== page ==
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Opinion

Restore workplace rights

In November 1998, voters in Washington said “yes” to the medicinal use of marijuana to treat such ailments and chronic illnesses as cancer, HIV, glaucoma and epilepsy. In 2011 the courts decided to place employer rights over individual rights for those whose lives benefit from marijuana’s medical properties, as The Spokesman-Review reported in “Employers can fire workers for using medical marijuana” (June 10).

Not only does this highlight the double standard of medical marijuana to that of other “acceptable” medicines taken while at the workplace, but it is a clear reminder that when you cross the threshold into the private workplace you have no constitutional rights protections. In this case your 14th Amendment equal protection rights don’t exist.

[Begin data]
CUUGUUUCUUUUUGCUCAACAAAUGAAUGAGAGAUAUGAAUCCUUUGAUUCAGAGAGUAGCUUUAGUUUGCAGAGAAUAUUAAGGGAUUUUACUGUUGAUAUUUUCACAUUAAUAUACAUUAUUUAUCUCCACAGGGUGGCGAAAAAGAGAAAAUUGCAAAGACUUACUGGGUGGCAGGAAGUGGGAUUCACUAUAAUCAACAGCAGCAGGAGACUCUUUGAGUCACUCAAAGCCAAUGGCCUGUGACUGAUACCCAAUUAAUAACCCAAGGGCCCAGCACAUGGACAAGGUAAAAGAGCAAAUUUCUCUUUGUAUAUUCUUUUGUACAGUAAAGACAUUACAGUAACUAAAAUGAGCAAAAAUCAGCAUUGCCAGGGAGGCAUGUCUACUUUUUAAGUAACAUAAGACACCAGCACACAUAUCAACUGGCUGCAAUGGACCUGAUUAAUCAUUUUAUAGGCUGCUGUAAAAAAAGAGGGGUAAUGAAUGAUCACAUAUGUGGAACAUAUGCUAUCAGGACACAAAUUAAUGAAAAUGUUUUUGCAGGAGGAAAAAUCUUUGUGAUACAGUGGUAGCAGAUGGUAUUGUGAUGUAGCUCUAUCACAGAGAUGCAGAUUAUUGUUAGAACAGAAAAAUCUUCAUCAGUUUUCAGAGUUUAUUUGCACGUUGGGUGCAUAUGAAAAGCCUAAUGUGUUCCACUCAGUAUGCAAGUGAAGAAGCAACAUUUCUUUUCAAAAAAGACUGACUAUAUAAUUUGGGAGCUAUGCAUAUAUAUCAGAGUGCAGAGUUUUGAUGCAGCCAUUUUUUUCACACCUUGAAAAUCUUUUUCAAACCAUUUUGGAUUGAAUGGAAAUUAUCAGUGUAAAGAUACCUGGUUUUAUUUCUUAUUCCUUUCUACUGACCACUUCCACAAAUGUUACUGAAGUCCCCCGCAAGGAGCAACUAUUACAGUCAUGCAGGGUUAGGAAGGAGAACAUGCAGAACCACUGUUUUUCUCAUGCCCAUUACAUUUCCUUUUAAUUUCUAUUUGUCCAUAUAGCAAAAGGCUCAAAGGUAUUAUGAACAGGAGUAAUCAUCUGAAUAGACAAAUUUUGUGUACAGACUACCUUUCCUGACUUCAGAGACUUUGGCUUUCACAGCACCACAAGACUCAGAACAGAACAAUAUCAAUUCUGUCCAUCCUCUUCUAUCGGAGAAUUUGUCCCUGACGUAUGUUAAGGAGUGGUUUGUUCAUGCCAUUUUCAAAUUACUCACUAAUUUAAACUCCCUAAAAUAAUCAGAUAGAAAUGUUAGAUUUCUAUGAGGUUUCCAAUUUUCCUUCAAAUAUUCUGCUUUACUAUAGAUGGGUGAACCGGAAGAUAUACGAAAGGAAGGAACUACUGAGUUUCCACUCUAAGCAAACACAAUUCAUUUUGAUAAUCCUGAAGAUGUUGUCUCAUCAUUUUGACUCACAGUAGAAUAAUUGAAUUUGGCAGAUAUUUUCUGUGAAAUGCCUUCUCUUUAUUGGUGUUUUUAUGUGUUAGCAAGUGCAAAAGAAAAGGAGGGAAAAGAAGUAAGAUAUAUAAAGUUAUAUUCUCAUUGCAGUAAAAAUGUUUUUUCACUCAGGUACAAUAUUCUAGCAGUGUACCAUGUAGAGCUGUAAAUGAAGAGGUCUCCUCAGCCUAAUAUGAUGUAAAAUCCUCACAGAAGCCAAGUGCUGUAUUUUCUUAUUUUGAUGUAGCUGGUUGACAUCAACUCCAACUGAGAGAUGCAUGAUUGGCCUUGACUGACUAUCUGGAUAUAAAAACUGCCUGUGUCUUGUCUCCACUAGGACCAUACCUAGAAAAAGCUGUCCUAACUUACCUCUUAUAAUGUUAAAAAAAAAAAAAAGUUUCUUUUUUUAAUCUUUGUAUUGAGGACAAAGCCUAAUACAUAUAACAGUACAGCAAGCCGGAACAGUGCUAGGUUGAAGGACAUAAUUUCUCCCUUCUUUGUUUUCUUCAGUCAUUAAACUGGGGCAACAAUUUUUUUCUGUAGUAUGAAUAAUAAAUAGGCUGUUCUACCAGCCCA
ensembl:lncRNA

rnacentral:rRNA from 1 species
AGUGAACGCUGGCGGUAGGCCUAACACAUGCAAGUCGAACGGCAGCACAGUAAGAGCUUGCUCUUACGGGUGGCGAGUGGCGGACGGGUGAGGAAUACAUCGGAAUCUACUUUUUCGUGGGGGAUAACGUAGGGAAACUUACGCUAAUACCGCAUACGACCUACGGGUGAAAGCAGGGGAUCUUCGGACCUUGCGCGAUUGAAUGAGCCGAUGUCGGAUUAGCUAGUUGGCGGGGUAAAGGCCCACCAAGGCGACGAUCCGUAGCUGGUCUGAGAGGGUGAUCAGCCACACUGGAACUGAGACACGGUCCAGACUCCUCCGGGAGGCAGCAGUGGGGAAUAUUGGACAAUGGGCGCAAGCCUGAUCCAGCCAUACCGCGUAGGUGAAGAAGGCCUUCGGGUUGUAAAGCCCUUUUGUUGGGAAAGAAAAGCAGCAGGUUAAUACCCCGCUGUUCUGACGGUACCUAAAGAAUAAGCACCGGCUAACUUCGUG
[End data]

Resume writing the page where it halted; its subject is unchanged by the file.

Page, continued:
This wasn’t always true. It’s time we did something about it. The Community Bill of Rights for Spokane would guarantee certain workplace protections to shield employees from this type of action. Vote “yes” for the Community Bill of Rights come November.

Nastassja Noell

Cheney


 

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Editorial: Washington state lawmakers scramble to keep public in the dark

State lawmakers want to create a legislative loophole in Washington’s Public Records Act. While it’s nice to see Democrats and Republicans working together for once, it’s just too bad that their agreement is that the public is the enemy. As The Spokesman-Review’s Olympia reporter Jim Camden explained Feb. 22, lawmakers could vote on a bill today responding to a court order that the people of Washington are entitled to review legislative records.